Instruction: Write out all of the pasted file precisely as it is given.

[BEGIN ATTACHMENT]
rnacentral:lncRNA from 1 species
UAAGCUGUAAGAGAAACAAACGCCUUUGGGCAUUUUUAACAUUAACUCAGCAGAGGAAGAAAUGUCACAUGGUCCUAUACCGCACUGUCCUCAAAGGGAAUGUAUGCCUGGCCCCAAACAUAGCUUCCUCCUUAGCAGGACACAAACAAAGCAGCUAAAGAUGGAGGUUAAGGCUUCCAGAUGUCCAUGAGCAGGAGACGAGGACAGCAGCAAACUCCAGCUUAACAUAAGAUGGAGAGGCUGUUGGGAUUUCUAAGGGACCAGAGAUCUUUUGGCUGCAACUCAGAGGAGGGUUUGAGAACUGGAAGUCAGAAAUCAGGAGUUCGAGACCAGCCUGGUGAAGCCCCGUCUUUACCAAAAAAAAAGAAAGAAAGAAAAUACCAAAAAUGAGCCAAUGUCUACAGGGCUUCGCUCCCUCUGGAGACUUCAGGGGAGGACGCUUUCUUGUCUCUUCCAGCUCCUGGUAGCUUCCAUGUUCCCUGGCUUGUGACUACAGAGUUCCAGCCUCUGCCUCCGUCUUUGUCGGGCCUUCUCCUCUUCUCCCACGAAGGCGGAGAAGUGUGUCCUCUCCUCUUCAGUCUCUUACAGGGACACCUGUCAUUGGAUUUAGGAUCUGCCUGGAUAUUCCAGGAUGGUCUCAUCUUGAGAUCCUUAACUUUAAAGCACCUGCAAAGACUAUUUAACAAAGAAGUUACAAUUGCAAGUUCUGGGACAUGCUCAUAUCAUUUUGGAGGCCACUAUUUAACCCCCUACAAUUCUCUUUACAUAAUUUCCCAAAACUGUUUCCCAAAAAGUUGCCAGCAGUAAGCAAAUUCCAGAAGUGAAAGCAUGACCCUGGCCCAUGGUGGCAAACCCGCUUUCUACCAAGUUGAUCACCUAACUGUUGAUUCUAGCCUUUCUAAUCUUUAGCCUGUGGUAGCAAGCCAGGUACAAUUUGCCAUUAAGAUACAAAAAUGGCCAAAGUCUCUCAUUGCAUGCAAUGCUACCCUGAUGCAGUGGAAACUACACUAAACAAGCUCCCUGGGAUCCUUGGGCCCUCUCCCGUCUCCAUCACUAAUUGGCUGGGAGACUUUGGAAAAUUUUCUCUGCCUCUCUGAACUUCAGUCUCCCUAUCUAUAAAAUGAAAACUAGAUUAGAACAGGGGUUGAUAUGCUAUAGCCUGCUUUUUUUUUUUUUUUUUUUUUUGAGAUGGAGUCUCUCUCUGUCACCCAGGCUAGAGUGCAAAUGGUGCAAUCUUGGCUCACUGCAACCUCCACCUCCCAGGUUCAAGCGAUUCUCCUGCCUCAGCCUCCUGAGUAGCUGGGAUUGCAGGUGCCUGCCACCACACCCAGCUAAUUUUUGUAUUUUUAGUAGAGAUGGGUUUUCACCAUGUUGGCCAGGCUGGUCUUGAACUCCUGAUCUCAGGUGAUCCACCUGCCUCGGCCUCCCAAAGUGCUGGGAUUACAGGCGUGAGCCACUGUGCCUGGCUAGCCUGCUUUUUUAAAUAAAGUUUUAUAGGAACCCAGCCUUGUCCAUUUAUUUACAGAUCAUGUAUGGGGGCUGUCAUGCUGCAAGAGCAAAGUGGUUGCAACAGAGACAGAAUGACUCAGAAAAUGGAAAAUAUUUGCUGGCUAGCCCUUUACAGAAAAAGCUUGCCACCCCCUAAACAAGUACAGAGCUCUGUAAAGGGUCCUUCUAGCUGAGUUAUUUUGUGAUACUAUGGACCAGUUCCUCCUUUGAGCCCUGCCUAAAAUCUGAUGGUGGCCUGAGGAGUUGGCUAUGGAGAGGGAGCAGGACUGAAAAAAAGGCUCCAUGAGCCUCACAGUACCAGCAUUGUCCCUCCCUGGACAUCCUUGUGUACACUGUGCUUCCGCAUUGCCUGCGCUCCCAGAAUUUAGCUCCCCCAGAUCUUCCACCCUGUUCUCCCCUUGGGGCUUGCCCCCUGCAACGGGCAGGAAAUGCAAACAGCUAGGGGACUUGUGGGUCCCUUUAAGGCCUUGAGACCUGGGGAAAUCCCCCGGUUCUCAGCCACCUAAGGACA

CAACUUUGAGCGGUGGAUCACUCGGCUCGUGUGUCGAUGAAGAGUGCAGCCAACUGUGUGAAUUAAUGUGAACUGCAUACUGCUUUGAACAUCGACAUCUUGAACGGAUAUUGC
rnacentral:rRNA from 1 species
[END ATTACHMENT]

rnacentral:lncRNA from 1 species
UAAGCUGUAAGAGAAACAAACGCCUUUGGGCAUUUUUAACAUUAACUCAGCAGAGGAAGAAAUGUCACAUGGUCCUAUACCGCACUGUCCUCAAAGGGAAUGUAUGCCUGGCCCCAAACAUAGCUUCCUCCUUAGCAGGACACAAACAAAGCAGCUAAAGAUGGAGGUUAAGGCUUCCAGAUGUCCAUGAGCAGGAGACGAGGACAGCAGCAAACUCCAGCUUAACAUAAGAUGGAGAGGCUGUUGGGAUUUCUAAGGGACCAGAGAUCUUUUGGCUGCAACUCAGAGGAGGGUUUGAGAACUGGAAGUCAGAAAUCAGGAGUUCGAGACCAGCCUGGUGAAGCCCCGUCUUUACCAAAAAAAAAGAAAGAAAGAAAAUACCAAAAAUGAGCCAAUGUCUACAGGGCUUCGCUCCCUCUGGAGACUUCAGGGGAGGACGCUUUCUUGUCUCUUCCAGCUCCUGGUAGCUUCCAUGUUCCCUGGCUUGUGACUACAGAGUUCCAGCCUCUGCCUCCGUCUUUGUCGGGCCUUCUCCUCUUCUCCCACGAAGGCGGAGAAGUGUGUCCUCUCCUCUUCAGUCUCUUACAGGGACACCUGUCAUUGGAUUUAGGAUCUGCCUGGAUAUUCCAGGAUGGUCUCAUCUUGAGAUCCUUAACUUUAAAGCACCUGCAAAGACUAUUUAACAAAGAAGUUACAAUUGCAAGUUCUGGGACAUGCUCAUAUCAUUUUGGAGGCCACUAUUUAACCCCCUACAAUUCUCUUUACAUAAUUUCCCAAAACUGUUUCCCAAAAAGUUGCCAGCAGUAAGCAAAUUCCAGAAGUGAAAGCAUGACCCUGGCCCAUGGUGGCAAACCCGCUUUCUACCAAGUUGAUCACCUAACUGUUGAUUCUAGCCUUUCUAAUCUUUAGCCUGUGGUAGCAAGCCAGGUACAAUUUGCCAUUAAGAUACAAAAAUGGCCAAAGUCUCUCAUUGCAUGCAAUGCUACCCUGAUGCAGUGGAAACUACACUAAACAAGCUCCCUGGGAUCCUUGGGCCCUCUCCCGUCUCCAUCACUAAUUGGCUGGGAGACUUUGGAAAAUUUUCUCUGCCUCUCUGAACUUCAGUCUCCCUAUCUAUAAAAUGAAAACUAGAUUAGAACAGGGGUUGAUAUGCUAUAGCCUGCUUUUUUUUUUUUUUUUUUUUUUGAGAUGGAGUCUCUCUCUGUCACCCAGGCUAGAGUGCAAAUGGUGCAAUCUUGGCUCACUGCAACCUCCACCUCCCAGGUUCAAGCGAUUCUCCUGCCUCAGCCUCCUGAGUAGCUGGGAUUGCAGGUGCCUGCCACCACACCCAGCUAAUUUUUGUAUUUUUAGUAGAGAUGGGUUUUCACCAUGUUGGCCAGGCUGGUCUUGAACUCCUGAUCUCAGGUGAUCCACCUGCCUCGGCCUCCCAAAGUGCUGGGAUUACAGGCGUGAGCCACUGUGCCUGGCUAGCCUGCUUUUUUAAAUAAAGUUUUAUAGGAACCCAGCCUUGUCCAUUUAUUUACAGAUCAUGUAUGGGGGCUGUCAUGCUGCAAGAGCAAAGUGGUUGCAACAGAGACAGAAUGACUCAGAAAAUGGAAAAUAUUUGCUGGCUAGCCCUUUACAGAAAAAGCUUGCCACCCCCUAAACAAGUACAGAGCUCUGUAAAGGGUCCUUCUAGCUGAGUUAUUUUGUGAUACUAUGGACCAGUUCCUCCUUUGAGCCCUGCCUAAAAUCUGAUGGUGGCCUGAGGAGUUGGCUAUGGAGAGGGAGCAGGACUGAAAAAAAGGCUCCAUGAGCCUCACAGUACCAGCAUUGUCCCUCCCUGGACAUCCUUGUGUACACUGUGCUUCCGCAUUGCCUGCGCUCCCAGAAUUUAGCUCCCCCAGAUCUUCCACCCUGUUCUCCCCUUGGGGCUUGCCCCCUGCAACGGGCAGGAAAUGCAAACAGCUAGGGGACUUGUGGGUCCCUUUAAGGCCUUGAGACCUGGGGAAAUCCCCCGGUUCUCAGCCACCUAAGGACA

CAACUUUGAGCGGUGGAUCACUCGGCUCGUGUGUCGAUGAAGAGUGCAGCCAACUGUGUGAAUUAAUGUGAACUGCAUACUGCUUUGAACAUCGACAUCUUGAACGGAUAUUGC
rnacentral:rRNA from 1 species